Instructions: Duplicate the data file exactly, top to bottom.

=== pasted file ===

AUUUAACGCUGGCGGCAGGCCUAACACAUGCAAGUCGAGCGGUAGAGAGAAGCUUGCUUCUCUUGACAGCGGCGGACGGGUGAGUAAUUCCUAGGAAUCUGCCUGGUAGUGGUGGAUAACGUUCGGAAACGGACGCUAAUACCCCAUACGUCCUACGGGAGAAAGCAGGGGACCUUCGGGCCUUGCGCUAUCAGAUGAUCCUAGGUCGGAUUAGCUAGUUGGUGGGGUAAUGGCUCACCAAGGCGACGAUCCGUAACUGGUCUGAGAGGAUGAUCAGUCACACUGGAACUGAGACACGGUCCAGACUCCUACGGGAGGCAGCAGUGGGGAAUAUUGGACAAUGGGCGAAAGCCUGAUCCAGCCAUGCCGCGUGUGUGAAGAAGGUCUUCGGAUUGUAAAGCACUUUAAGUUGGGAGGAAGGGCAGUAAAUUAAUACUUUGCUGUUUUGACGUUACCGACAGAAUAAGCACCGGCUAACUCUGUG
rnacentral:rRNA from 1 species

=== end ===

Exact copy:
AUUUAACGCUGGCGGCAGGCCUAACACAUGCAAGUCGAGCGGUAGAGAGAAGCUUGCUUCUCUUGACAGCGGCGGACGGGUGAGUAAUUCCUAGGAAUCUGCCUGGUAGUGGUGGAUAACGUUCGGAAACGGACGCUAAUACCCCAUACGUCCUACGGGAGAAAGCAGGGGACCUUCGGGCCUUGCGCUAUCAGAUGAUCCUAGGUCGGAUUAGCUAGUUGGUGGGGUAAUGGCUCACCAAGGCGACGAUCCGUAACUGGUCUGAGAGGAUGAUCAGUCACACUGGAACUGAGACACGGUCCAGACUCCUACGGGAGGCAGCAGUGGGGAAUAUUGGACAAUGGGCGAAAGCCUGAUCCAGCCAUGCCGCGUGUGUGAAGAAGGUCUUCGGAUUGUAAAGCACUUUAAGUUGGGAGGAAGGGCAGUAAAUUAAUACUUUGCUGUUUUGACGUUACCGACAGAAUAAGCACCGGCUAACUCUGUG
rnacentral:rRNA from 1 species